pose, we have proceeded towards and with them just as if their origin had been the most formal in the world, and never by word or act have we implied that they were not entitled, in the highest degree, to our sympathy and respect."
10.-Péronne capitulates, the garrison, 3,000 strong, surrendering themselves as prie soners of war.
- The Prussians make a fourth attack on Maison Crochard on the west side of Paris, but are repulsed with serious loss. The barracks at Fort Issy were burnt next day.
- Commencement of a series of engage ments north of Le Mans, between the French Army of the West, under General Chanzy, and the "Second German Army, under Prince Frederick Charles and the Grand Duke of Mecklenburg. Next day the town of Le Mans was occupied by the Germans, and large stores seized, with bands of prisoners said to number 18,000. General Chanzy reported his position as good excepting at La Tuilerie, where the Mobiles of Brittany disbanded themselves.
- M. Jules Favre, replying to Earl Gran. ville's invitation to attend the London Confer ence, writes : “I thank your Excellency for this communication, and for the kindness shown me in facilitating the accomplishment of the duty imposed on me. It is, however, difficult for me to depart immediately from Paris, which for eight days has been given up to the horrors of a bombardment carried on against its in. offensive population, without the warning which is usual according to the law of nations I do not feel it right to abandon my fellow, citizens at the moment when they are victims of this violence. Moreover, the communications between Faris and London are by the act of the commander-in-chief of the besieging army so slow and uncertain that I cannot, notwithstanding my good wishes, reply to your appeal in the terms of your despatch. You kindly informed me that the Conference would meet on the 3rd of January, and would then probably adjourn for a week. Apprised of this on the evening of the toth, I could not profit by your invitation in proper time. Moreover, Count Bismarck, while allowing the letter to reach me, has not accompanied it with a safe-conduct, which is, however, indispensable. . . . As soon as I have this document in my hands and the situation of Paris permits, I shall proceed to London, sure beforehand of not invoking in vain in the name of my Government the principles of right and morality which Europe has so great an interest in causing to be respected.”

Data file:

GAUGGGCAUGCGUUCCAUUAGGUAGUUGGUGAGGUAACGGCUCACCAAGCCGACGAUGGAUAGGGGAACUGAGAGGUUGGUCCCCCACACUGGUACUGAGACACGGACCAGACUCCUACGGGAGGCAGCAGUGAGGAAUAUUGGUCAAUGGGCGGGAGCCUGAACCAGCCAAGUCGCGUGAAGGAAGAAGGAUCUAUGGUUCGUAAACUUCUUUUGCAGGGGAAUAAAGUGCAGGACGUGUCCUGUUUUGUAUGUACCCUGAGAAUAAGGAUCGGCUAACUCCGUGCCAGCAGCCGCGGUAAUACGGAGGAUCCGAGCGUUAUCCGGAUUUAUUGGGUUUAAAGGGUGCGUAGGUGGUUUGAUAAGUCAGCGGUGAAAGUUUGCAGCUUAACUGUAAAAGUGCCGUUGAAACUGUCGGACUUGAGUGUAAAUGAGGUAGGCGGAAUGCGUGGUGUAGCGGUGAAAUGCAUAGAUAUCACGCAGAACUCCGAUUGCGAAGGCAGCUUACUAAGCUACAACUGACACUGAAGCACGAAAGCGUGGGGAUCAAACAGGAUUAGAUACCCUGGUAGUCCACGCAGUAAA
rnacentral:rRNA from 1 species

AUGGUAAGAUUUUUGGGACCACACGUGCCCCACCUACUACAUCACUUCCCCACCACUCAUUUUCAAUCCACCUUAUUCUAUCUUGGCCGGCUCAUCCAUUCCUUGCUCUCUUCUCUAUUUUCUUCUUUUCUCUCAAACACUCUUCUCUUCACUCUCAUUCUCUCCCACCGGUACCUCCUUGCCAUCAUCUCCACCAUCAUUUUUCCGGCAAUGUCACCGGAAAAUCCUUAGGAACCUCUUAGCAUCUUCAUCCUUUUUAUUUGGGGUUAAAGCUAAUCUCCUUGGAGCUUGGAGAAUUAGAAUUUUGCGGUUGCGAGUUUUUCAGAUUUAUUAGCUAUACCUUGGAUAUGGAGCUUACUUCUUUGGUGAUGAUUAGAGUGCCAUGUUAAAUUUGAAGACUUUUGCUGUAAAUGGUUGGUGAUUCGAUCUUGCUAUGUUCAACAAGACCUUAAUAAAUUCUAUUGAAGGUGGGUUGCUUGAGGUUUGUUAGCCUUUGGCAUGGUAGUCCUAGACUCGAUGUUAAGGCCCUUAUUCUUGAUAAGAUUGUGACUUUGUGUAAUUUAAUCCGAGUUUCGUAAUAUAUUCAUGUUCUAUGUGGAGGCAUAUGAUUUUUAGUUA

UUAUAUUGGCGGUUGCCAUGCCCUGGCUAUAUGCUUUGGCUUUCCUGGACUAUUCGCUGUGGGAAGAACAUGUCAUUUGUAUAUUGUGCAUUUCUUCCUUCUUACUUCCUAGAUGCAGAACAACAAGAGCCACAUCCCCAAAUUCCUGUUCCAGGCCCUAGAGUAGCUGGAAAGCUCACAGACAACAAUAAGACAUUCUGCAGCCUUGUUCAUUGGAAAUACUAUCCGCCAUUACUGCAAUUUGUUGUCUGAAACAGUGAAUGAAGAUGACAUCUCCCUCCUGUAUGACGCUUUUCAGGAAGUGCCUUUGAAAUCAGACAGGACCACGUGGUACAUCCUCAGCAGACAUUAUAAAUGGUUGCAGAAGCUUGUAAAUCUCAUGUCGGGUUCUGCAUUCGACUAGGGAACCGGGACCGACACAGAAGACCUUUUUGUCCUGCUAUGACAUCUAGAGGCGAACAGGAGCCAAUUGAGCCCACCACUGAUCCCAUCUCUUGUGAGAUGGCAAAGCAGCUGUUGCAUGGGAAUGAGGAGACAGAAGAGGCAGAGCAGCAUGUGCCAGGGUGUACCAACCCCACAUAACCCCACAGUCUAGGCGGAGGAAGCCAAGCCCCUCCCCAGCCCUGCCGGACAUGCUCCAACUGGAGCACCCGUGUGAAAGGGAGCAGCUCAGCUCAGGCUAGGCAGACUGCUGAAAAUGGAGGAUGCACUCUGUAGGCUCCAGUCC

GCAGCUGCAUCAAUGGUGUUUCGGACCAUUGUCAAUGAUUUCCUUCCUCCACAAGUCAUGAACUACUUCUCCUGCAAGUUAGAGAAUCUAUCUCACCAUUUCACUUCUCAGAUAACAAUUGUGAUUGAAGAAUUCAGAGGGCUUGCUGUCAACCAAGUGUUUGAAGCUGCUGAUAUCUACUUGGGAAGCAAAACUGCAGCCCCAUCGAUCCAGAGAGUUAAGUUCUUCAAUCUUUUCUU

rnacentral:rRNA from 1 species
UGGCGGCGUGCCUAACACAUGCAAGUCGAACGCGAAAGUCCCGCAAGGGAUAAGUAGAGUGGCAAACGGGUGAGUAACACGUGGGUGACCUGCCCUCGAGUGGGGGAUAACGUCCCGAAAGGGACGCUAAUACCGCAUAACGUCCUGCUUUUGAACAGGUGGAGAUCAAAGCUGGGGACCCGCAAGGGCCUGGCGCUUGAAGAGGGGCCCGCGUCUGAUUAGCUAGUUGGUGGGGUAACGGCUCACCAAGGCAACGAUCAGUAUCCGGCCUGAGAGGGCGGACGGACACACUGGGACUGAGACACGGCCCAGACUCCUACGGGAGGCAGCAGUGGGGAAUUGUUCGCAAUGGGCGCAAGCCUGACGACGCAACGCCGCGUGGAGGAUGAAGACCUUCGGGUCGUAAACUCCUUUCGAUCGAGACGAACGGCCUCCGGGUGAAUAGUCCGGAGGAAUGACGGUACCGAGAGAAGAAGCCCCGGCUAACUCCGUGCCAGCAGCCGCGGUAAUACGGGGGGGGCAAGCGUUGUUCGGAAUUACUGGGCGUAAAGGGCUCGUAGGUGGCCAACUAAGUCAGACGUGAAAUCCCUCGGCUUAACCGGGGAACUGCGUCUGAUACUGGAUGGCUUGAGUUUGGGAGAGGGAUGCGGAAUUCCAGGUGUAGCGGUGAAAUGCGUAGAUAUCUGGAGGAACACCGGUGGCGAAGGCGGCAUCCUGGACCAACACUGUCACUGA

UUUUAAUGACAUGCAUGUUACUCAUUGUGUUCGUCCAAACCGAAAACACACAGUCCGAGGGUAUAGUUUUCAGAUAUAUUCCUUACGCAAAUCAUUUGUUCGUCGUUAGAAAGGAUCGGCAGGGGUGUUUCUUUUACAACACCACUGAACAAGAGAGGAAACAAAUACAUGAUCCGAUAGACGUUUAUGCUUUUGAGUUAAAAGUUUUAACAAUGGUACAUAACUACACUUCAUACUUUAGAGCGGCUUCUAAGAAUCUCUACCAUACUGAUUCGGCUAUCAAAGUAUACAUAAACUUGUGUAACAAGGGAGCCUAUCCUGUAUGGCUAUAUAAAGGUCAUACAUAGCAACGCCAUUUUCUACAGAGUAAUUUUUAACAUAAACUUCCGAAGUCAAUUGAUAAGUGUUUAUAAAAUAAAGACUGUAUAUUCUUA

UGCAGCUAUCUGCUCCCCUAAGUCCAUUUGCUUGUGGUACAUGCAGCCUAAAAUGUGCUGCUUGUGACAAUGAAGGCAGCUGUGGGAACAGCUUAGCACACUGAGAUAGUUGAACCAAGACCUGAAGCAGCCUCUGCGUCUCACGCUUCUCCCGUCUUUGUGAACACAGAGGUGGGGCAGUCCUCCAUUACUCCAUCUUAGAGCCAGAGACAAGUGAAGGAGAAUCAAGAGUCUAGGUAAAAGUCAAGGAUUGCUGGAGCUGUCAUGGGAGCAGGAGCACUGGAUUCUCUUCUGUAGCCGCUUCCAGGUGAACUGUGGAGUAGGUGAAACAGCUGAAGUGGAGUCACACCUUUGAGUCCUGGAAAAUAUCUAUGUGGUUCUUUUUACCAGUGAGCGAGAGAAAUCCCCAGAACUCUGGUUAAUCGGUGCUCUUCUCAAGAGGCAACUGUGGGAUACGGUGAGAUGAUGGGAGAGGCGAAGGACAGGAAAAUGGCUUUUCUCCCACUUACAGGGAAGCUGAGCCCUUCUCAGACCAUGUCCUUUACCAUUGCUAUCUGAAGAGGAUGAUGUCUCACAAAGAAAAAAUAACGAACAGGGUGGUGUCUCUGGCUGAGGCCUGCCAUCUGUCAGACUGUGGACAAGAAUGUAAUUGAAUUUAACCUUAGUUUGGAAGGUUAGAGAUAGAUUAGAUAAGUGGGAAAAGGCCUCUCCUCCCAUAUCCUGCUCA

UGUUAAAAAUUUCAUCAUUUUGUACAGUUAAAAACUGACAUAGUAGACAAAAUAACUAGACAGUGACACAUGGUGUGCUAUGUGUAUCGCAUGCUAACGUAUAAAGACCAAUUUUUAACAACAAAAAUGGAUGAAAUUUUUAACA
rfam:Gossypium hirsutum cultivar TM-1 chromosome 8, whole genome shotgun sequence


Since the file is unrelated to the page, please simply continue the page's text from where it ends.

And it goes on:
- Died in Paris, aged 95, Citizen Lambert, Recorder for two years to the first Revolutionary Tribunal, and Secretary to the Public Prosecutor, Fouquier-Tinville.
11.-Died, aged 72, Paul Bedford, come dian, one of the last survivors of the "old Adelphi favourites.
12.-Explosion at Luycett Colliery, New
castle-under-Lyne, causing the death of five men and serious injury to fifteen others.
12.—The Master of the Rolls gives judgment against Charles Lafitte, banker, of Paris, concerning the claim for 150,000l. made by him against the company (now in course of liquidation) which had secured a transfer of the goodwill of his business.
· Jewellery to the value of 2,500l. stolen from one of London and Ryder's assistants, in a private lodging, Upper Berkeley-street, Portman Square, by a person feigning an intention to purchase, aided by a female who stealthily placed a handkerchief saturated with chloroform over the messenger's mouth. The parties were afterwards traced to Leamington, where they were found to have been occupying for some time an apparently respectable position as Mr. and Mrs. Tarpey. She was apprehended there and conveyed to London, while he was in Bel. gium endeavouring to dispose of the plunder.